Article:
MIAMI (CBSMiami) – While doctors are helping COVID-19 patients, they are also helping children with cancer.

September is childhood cancer awareness month.

On Saturday, a mom and law enforcement officers worked together to make patients in Miami-Dade feel better, even at a distance.

It was an effort to bring smiles to young patients battling cancer at Nicklaus Children’s Hospital in southwest Miami-Dade.

“It all started with my own baby, he rode in a police car trying to catch a bad guy. It was one of the best days of his life,” said Silvia Vanni, Mystic Force Foundation founder.

Sadly, Silvia’s son lost his battle to cancer in 2011 at 7-years-old, but she is determined to win the war.

“The only way we are ever going to find a cure for our children is to raise awareness,” said Silvia.

Silvia’s group raises awareness about childhood cancer.

Every year in September, she partners with law enforcement. Together, along with patrol cruisers and others to try to make kids happy.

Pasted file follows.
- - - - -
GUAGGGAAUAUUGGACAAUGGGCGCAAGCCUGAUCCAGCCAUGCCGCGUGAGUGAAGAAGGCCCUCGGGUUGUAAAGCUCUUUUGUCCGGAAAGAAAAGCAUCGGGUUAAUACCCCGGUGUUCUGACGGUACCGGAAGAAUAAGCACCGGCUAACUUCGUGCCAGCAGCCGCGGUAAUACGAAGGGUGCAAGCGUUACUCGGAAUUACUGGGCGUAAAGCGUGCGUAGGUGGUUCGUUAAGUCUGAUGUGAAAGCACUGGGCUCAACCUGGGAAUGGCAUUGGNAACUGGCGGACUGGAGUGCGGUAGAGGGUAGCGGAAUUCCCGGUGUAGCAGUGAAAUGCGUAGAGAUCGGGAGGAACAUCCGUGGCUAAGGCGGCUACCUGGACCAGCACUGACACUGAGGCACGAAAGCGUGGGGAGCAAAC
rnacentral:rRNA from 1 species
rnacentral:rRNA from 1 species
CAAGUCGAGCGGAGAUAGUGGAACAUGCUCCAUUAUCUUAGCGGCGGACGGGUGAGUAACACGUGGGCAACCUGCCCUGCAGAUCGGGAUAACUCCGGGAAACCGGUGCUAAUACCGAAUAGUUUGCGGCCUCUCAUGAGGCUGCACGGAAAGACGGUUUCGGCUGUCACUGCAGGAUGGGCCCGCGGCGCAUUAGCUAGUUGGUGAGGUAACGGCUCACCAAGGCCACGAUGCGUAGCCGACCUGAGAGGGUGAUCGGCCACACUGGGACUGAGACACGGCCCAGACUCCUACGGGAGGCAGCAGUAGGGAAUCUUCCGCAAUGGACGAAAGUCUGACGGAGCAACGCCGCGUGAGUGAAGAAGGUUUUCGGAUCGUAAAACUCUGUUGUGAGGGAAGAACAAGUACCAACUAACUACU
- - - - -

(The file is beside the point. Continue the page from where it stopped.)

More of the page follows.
“We want to highlight the importance of this disease to the community. Childhood cancer is only 4% of cancer,” said Doctor Ziad Khatib of Nicklaus Children’s Hospital.

That also means only 4 percent of the billions of dollars for research goes toward finding a cure for childhood cancer.

Curesearch.org says half of the children who are diagnosed have leukemia or brain cancer.

One in eight children with cancer in the US will not survive.

Over the last decade, doctors at Nicklaus Children’s Hospital have helped 80 percent of patients recover, but they’re not satisfied. They want that rate at 100 percent.

“We are looking for a future to cure all children with cancer,” said doctor Ziad Khatib of Nicklaus Children’s Hospital.

Saturday’s event may be over, but since funding is not where they want it to be and parents are still losing their sons and daughters, a mom who knows all too well needs your help.

“Donate, if at all possible. Even a dollar makes a difference. There’s so little money from the National Cancer Institute that goes to childhood cancer. Also, donate your time,” said Silvia.

Ty Russell

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